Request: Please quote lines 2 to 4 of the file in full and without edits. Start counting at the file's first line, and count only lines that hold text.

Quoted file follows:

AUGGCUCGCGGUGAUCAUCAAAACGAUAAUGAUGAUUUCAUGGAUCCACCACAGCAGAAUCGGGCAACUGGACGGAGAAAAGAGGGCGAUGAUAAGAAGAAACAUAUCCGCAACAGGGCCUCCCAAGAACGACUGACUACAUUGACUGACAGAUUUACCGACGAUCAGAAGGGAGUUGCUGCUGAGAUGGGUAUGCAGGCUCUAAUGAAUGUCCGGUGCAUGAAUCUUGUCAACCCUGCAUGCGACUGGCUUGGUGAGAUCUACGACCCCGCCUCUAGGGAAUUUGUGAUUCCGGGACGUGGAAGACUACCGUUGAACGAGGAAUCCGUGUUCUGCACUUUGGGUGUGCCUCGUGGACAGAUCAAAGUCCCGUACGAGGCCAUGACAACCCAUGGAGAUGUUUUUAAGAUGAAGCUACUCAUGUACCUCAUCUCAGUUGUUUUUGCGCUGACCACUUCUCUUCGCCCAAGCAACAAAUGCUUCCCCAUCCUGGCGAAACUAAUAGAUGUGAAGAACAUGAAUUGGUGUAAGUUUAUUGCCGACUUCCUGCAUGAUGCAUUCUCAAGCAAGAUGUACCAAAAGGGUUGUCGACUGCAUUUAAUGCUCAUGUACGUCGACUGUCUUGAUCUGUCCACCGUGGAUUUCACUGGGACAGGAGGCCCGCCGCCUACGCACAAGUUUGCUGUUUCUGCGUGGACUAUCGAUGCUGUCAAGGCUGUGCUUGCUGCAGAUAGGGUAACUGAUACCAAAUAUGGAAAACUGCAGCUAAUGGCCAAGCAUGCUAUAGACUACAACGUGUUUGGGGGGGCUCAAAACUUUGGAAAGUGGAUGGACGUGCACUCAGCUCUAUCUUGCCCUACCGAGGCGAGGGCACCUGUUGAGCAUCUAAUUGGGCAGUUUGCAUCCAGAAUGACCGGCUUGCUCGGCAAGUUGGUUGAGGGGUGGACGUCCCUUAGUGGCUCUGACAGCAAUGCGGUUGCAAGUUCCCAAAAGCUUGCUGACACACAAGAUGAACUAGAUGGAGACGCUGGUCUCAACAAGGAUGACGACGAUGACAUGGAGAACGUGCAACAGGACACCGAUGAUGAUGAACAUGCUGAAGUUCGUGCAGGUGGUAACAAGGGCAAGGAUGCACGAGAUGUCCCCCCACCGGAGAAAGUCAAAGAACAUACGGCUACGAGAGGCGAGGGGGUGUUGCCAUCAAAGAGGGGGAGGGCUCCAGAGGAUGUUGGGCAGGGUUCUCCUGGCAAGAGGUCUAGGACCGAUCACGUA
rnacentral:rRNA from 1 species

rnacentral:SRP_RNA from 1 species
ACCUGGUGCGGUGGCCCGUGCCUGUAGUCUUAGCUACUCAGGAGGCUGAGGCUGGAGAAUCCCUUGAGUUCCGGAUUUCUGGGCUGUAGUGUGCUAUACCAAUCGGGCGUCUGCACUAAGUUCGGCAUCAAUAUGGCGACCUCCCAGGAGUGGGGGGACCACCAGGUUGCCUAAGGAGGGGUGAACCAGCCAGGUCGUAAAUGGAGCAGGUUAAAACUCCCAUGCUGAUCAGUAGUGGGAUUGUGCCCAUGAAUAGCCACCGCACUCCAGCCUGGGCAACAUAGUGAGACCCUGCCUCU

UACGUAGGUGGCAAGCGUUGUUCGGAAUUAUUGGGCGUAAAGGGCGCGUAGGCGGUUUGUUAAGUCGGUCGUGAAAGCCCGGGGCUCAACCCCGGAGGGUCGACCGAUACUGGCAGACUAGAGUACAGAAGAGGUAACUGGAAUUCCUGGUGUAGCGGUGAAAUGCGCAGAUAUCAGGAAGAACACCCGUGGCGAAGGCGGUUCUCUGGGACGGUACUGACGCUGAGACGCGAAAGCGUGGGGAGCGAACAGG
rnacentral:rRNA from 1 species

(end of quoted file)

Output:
rnacentral:rRNA from 1 species

rnacentral:SRP_RNA from 1 species
ACCUGGUGCGGUGGCCCGUGCCUGUAGUCUUAGCUACUCAGGAGGCUGAGGCUGGAGAAUCCCUUGAGUUCCGGAUUUCUGGGCUGUAGUGUGCUAUACCAAUCGGGCGUCUGCACUAAGUUCGGCAUCAAUAUGGCGACCUCCCAGGAGUGGGGGGACCACCAGGUUGCCUAAGGAGGGGUGAACCAGCCAGGUCGUAAAUGGAGCAGGUUAAAACUCCCAUGCUGAUCAGUAGUGGGAUUGUGCCCAUGAAUAGCCACCGCACUCCAGCCUGGGCAACAUAGUGAGACCCUGCCUCU